3.4 Launch from the UK will be governed by the Space Industry Bill, while launch by a UK company from elsewhere will fall under the Outer Space Act. It would therefore be anomalous if the same indemnity cap applied to licences under the Outer Space Act is not (or may not be) applied under the Space Industry Bill. This would lead to a conclusion that a UK business launching from outside the UK could be offered better (and more insurable) licensing terms under UK law, than a UK business launching from the UK.

3.5 The effect of this uncertainty will be to make prospective spaceflight operators more reluctant to establish a UK business and more reluctant to launch from the UK.

3.6 In our view, the Secretary of State should be under the same obligation to apply the same defined cap under the Space Industry Bill as under the Outer Space Act. As the satellites launched from the UK are likely to be small or nano-satellites, this figure should be at a level which is not disproportionate to the cost of the satellite.

3.7 Similar arguments apply to the proposed role of the Secretary of State as insurer of last resort where the liability of an operator exceeds the insured amount.


4. Licensing requirements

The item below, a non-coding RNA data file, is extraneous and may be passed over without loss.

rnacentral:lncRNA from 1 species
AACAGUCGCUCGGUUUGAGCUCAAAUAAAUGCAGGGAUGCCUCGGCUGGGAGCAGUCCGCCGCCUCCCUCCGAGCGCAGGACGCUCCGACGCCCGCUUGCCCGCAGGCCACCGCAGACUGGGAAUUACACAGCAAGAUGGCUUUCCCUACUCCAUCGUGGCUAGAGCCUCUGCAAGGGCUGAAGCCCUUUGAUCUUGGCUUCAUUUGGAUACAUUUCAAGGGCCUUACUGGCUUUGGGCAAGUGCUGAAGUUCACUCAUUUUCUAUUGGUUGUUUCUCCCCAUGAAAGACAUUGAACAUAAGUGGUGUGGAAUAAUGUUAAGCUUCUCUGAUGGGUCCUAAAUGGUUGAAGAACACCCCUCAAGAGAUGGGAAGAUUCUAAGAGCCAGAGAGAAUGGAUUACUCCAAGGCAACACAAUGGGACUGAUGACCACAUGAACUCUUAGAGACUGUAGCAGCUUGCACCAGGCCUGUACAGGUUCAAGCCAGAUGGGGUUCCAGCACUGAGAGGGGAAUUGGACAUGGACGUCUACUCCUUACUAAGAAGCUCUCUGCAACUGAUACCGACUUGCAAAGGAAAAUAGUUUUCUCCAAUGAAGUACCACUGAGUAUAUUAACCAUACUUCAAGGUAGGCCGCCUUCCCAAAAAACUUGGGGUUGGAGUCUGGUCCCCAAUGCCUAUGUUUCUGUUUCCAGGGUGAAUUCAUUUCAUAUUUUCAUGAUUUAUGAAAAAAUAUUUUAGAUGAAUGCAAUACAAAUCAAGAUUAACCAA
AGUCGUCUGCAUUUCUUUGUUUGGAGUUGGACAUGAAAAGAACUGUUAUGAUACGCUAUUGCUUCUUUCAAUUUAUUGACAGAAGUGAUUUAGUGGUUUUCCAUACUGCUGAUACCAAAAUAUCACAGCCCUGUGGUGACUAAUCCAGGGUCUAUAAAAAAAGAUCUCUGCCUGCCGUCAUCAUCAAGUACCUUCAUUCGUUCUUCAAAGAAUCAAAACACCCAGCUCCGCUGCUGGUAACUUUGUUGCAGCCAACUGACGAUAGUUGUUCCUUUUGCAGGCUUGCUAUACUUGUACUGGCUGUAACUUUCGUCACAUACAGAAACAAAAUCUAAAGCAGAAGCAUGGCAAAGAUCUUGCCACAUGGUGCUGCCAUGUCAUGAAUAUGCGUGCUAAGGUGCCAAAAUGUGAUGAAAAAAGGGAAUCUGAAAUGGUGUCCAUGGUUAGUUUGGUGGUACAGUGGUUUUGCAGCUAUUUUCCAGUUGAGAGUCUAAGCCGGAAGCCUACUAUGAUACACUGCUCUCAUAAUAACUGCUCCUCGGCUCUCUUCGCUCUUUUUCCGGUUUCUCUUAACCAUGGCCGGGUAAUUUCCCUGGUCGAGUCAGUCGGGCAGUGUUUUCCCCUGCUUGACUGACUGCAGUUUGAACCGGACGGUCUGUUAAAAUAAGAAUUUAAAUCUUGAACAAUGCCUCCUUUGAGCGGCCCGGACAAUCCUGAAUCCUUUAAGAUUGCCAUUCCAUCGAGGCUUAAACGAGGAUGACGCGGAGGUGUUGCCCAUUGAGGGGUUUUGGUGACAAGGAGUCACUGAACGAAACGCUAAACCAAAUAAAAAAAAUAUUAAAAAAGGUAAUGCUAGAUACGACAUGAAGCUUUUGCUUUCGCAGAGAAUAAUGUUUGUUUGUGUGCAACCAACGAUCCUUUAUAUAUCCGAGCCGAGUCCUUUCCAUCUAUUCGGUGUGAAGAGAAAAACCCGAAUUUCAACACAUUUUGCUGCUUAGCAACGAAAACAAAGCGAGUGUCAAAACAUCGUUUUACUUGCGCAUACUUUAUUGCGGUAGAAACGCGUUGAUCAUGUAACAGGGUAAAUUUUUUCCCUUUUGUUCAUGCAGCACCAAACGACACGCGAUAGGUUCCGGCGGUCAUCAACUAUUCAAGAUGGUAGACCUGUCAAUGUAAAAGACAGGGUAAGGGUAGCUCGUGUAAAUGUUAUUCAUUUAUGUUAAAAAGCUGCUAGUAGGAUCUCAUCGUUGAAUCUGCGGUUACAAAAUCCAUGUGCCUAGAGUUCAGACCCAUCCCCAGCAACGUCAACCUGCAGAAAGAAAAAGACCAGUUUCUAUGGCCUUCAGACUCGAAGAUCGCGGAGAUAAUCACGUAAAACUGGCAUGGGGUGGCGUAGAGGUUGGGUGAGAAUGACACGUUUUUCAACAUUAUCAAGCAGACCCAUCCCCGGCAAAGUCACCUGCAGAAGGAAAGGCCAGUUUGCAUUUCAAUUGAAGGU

4.1 The second issue concerns the early visibility for licence applicants of the detailed conditions and technical requirements of the licences.

4.2 Many potential licence conditions are already highlighted in the Bill – the regulators will have to determine which of these (and any other conditions) will form part of each licence in practice. While the selection will depend on the nature of the space activities, it will be essential for applicants to understand which terms are likely to be included in reality. It would therefore be highly valuable to operators to clarify which requirements are likely to be applicable to which activities. This will enhance the transparency of the process and clarify the level at which the regulatory bar will be set. In turn, it will enable applicants to plan their businesses more effectively.

4.3 In addition, for spaceflight operators, the critical licensing detail (including the operating, safety and insurance requirements) will determine how in practice they are required to operate their business. Even though this detail is yet to be published, hopeful spaceport operators and launch providers need to be creating their business plans and engaging with investors, financiers and insurers now. Thus, from the perspective of interested operators, we would encourage the government to accelerate the preparation of, and debates with industry on, the secondary legislation setting out these details. This will enable operators to achieve the certainty and clarity on how the regulatory frameworks fit together in practice, and hence finalise their spaceport business plans.

4.4 Early sight of the detail of these requirements will be valuable if the timetable of operational spaceports by 2020 is to be achievable.

John Worthy

Partner and Head of Satellite and Space Projects

Fieldfisher

London

January 2018

 

Prepared 24th January 2018